White Shame Re-worked (2012). Video of the performance by Adrian Stimson

Adrian Stimson, White Shame Re-visited (2012). Photograph by Paul Wong. Courtesy of the artist.

Adrian Stimson, White Shame Re-visited (2012). Photograph by Paul Wong. Courtesy of the artist.

30 minutes

Adrian Stimson writes - "To be asked to revisit Âhasiw Maskêgon-Iskwêw's work has been a great honour. Having curated a show at the Mendel Art Galley in 2007, called Express: Celebrating Âhasiw, I became familiar with his work and history, his impact on the First Nation art scene in Saskatchewan and beyond, which still resonates today. As a performance artist I am struck by Âhasiw's work, how he fused traditional knowledge with contemporary meme's. In particular I was drawn to the performance White Shame. This gentle yet visceral performance struck a cord, it spoke to shame, our combined histories, the church, intergenerational pain, conflicts such as Oka, it spoke to acts of sacrifice for the greater good, the idea of transcendence, the seven generations, it was an act of revealing, regeneration and renewal. The original performance was over an hour with many actions, for White Shame Re-visited, I have chosen a segment of that original performance to recreate. This performance is not only homage to Âhasiw, it is taking his original performance and making it my own, to rework his ideas in our time. For this performance, I will be repeating a number of acts such as writing on the walls, cleansing with clay and ash and piercing my skin. As a Blackfoot person traditional acts of piercing relate to the Sundance, an act that is to benefit the community. My act of piecing 7 times will be to renew Âhasiw's original performance, to honour friends suffering from disease, for missing and murdered aboriginal women, for my brother Faron who was tragically killed last summer, for our earth, for the animals and for all the shame that plague the people. It is my hope that this performance will bring us transcendence through time, to bring Âhasiw into the present, to acknowledge his presence and how he touched us all then, now and into the future."

Adrian Stimson is a member of the Siksika (Blackfoot) Nation in southern Alberta. He is an interdisciplinary artist, curator and educator with a BFA with distinction from the Alberta College of Art & Design and MFA from the University of Saskatchewan. As an interdisciplinary artist, Adrian’s work includes paintings, installations, collodion wet plate photography, sculpture and performance. Recent exhibits and performances include, Witnesses at the Belkin Gallery, UBC, Vancouver, Reconsidering Reconciliation, TRU, Kamloops, The Shaman Exterminator, On the Trail of the Woodcraft Indians with the Buffalo Boy Scouts of America, Paved Arts, Saskatoon, Making Treaty 7, Calgary, "Suffer little children…", ARNICA, Kamloops, Buffalo Boy's Coal jubilee, House of the Wayward Spirits- ANDPVA, Toronto, White Shame Re-Worked, Grunt Gallery, Vancouver, Holding Our Breath (Canadian Forces Artist Program-Afghanistan tour), Grunt Gallery, Vancouver and Neutral Ground, Regina, Beyond Redemption at the Mendel Art Gallery, Saskatoon, Photo Quai, Musee du quai branly and Unmasking at the Canadian Cultural Centre in Paris, France, "The Life and Times of Buffalo Boy", The Works, Edmonton, Pink Panther, Open Space, Ft. Simpson, Kentucky Fried Chicken Dance, Two Story Café, Prince Albert, Brave Seduction, Gallery 101, Ottawa and "Buffalo Boy's You can roller skate in a Buffalo herd", Harbourfront, Toronto. He is a regular participant at Burning Man and was featured in the 2007 summer issue of Canadian Art: Buffalo Boy at Burning Man and Spring issue of FUSE magazine: Buffalo Boy Then and Now 2009. Adrian was awarded the Blackfoot Visual Arts Award in 2009, the Queen Elizabeth II Golden Jubilee Medal in 2003 and the Alberta Centennial Medal in 2005 for his human rights and diversity activism in various communities. He is represented by the Darrell Bell Gallery in Saskatoon, Saskatchewan, where he currently resides.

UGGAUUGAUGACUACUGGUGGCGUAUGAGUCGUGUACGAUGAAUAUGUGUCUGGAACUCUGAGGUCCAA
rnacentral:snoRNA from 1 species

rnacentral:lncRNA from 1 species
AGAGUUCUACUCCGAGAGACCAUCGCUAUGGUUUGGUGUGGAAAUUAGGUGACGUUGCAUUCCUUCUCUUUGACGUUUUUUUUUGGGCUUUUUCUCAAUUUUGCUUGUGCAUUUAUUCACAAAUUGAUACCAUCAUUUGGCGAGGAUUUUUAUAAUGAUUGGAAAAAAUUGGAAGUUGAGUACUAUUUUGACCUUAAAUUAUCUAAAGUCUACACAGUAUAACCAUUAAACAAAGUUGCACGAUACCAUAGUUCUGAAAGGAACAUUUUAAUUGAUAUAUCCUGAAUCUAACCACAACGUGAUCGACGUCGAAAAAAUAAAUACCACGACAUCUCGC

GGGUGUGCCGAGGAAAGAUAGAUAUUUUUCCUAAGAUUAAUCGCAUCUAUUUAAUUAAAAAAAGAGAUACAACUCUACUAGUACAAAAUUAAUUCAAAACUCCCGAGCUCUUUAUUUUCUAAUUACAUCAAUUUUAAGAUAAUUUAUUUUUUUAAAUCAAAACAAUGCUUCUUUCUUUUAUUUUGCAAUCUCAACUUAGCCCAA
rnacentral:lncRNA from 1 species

Courtesy of Open Space Arts Society, and grunt Gallery.